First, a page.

A nonprofit should require its directors, trustees, officers and others covered by the policy to disclose, in writing, on a periodic basis any known financial interest that the individual, or a member of the individual's family, has in any business entity that transacts business with the charity. The organization should regularly and consistently monitor and enforce compliance with the conflict of interest policy.
The governing body or certain other persons may be required either by state law or by the organizational documents to oversee or approve major investments made by the organization. Increasingly, charities are investing in joint ventures, for-profit entities, and complicated and sophisticated financial products or investments that require financial and investment expertise and, in some cases, the advice of outside investment advisors.
Charities that make such investments should adopt written policies and procedures requiring the charity to evaluate its participation in these investments and to take steps to safeguard the organization's assets and exempt status if they could be affected by the investment arrangement. The IRS reviews compensation arrangements with investment advisors to see that they comply with federal tax law.
Charitable fundraising is an important source of financial support for many charities. Charities need to adopt and monitor policies to ensure that fundraising solicitations meet federal and state law requirements and solicitation materials are accurate, truthful, and candid. Fundraising costs should be reasonable and information about fundraising costs and practices should be available to donors and the public.
Governing Body Minutes and Records
The governing body needs to take minutes of its meetings and document actions taken outside of meetings.
Document Retention and Destruction
Charities are expected to adopt a written policy establishing standards for document integrity, retention, and destruction. The document retention policy should include guidelines for handling electronic files, backup procedures, archiving of documents, and regular checkups of the reliability of the system.
Ethics and Whistleblower Policy
The public expects a charity to abide by ethical standards that promote the public good. The organization's governing body bears the ultimate responsibility for setting ethical standards and ensuring they are practices throughout the organization. A charity's board should adopt and regularly evaluate a code of ethics that describes behavior it wants to encourage and behavior it wants to discourage. A code of ethics will serve to communicate and further a strong culture of legal compliance and ethical integrity to all persons associated with the organization.
The board of directors should also adopt a policy for handling employee complaints and establish procedures for employees to report in confidence any suspected financial impropriety or misuse of the charity's resources. Such policies are sometimes referred to as whistleblower policies. The IRS will review an organization to determine whether insiders or others associated with the organization have materially diverted organizational assets.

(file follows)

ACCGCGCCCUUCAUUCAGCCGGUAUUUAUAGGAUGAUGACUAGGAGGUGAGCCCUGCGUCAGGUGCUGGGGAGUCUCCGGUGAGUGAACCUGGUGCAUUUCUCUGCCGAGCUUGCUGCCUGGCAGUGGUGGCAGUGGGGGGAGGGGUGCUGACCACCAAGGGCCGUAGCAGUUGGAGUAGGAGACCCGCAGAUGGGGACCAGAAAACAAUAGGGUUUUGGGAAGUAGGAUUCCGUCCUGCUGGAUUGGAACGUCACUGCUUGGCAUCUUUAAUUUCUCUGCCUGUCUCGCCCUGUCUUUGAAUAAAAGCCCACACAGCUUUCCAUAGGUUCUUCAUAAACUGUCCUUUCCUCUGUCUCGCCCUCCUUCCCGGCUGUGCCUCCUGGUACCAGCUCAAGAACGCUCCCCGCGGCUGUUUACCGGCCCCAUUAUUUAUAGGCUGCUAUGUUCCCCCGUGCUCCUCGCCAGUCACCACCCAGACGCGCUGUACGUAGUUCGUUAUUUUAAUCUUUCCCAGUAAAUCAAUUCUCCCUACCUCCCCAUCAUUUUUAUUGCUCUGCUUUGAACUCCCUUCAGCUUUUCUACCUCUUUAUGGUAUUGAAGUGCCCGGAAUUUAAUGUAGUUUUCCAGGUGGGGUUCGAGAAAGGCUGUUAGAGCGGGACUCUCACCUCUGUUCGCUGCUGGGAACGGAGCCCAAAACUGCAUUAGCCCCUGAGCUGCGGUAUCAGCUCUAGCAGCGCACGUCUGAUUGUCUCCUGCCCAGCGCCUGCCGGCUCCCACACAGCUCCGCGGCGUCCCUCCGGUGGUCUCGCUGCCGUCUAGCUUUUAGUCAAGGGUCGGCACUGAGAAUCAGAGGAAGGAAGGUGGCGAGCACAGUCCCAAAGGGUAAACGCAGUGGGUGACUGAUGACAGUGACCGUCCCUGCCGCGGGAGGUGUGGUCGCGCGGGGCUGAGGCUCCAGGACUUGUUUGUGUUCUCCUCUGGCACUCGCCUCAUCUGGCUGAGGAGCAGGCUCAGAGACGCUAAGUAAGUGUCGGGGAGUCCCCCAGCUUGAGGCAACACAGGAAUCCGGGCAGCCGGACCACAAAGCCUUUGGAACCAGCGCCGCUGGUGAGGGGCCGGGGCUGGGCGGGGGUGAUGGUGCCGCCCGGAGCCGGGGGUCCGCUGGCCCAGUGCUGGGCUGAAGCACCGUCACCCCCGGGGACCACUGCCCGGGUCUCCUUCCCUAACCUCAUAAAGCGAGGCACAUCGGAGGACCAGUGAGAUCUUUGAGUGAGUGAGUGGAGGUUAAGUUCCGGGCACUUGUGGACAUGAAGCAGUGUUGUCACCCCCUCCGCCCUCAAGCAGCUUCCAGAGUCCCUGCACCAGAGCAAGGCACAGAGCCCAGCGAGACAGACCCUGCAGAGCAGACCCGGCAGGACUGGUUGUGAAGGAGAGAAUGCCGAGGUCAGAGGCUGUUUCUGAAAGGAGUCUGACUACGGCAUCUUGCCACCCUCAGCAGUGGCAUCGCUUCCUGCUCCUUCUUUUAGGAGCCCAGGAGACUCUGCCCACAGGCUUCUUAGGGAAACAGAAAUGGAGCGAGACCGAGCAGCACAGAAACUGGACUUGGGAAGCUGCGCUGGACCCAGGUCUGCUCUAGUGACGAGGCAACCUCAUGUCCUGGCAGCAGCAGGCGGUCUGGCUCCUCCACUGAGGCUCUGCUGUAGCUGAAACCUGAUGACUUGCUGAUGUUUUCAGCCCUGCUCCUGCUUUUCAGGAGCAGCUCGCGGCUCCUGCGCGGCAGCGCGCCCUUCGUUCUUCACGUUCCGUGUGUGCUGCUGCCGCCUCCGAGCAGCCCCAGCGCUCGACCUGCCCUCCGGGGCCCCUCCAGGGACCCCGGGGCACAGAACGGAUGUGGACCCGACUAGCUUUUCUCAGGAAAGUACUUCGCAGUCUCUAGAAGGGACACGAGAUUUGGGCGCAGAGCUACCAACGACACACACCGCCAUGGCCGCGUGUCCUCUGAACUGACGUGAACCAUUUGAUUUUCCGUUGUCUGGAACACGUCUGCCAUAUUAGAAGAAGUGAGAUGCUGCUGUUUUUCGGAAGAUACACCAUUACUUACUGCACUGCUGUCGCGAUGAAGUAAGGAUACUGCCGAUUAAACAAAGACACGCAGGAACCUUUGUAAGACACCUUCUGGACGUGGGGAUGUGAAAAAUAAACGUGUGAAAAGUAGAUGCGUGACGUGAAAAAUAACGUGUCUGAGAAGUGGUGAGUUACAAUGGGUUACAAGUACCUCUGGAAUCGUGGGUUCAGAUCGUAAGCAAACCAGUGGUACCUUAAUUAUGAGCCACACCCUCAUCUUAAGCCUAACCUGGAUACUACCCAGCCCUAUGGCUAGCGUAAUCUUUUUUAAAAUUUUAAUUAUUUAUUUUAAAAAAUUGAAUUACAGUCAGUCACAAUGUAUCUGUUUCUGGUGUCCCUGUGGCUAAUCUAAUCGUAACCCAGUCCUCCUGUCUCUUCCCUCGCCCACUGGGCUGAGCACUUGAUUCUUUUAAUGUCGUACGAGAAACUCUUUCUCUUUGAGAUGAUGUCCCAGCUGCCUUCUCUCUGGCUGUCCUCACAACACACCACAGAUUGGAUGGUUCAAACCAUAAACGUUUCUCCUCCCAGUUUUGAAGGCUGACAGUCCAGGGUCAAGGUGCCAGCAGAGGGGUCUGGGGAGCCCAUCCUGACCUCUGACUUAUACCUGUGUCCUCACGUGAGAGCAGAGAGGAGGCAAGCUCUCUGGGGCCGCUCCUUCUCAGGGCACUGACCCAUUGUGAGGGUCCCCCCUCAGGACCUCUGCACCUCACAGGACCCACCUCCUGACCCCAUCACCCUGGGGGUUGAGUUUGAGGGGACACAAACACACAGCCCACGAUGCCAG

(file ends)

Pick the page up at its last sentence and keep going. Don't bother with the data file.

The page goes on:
5. Financial Statements and Form 990 Reporting: Directors need to ensure that financial resources are used to further charitable purposes and that the organization's funds are appropriately accounted for by regularly receiving and reviewing up-to-date financial statements and any auditor's letters or finance and audit committee reports.
Some organizations prepare financial statements without any involvement of outside accountants or auditors. Others use outside accountants to prepare compiled or reviewed financial statements, while others obtain audited financial statements. State law may impose audit requirements on certain charities.
Many organizations that receive federal funds are required to undergo one or more audits. However, even if an audit is not required, a charity with substantial assets or revenue should consider obtaining an audit of its financial statements by an independent auditor.
Form 990 is the informational return that the IRS requires a nonprofit to file annually. Although not required to do so by the Internal Revenue Code, some organizations provide copies of the IRS Form 990 to its governing body and other internal governance or management officials, either prior to or after it is filed with the Internal Revenue Service.
6. Transparency and Accountability: By making full and accurate information about its mission, activities, finances, and governance publicly available, a charity encourages transparency and accountability to the public. The Internal Revenue Code requires a charity to make its exemption application and Form 990 available for public inspection. The IRS encourages every charity to adopt and monitor procedures to ensure that its IRS forms, annual reports, and financial statements are complete and accurate, are posted on its public website, and are made available to the public upon request.
Clearly, the IRS sets very strong federal guidelines on nonprofits that define what is expected in order to receive and maintain tax-free status. These guidelines supplement each state's rules and regulations. Following these guidelines can be an onerous process. However, in many ways this is to your benefit, since the specificity of what needs to be done makes your organization stronger and more viable in the long run.
A portion of the information in this article is courtesy of the Internal Revenue Service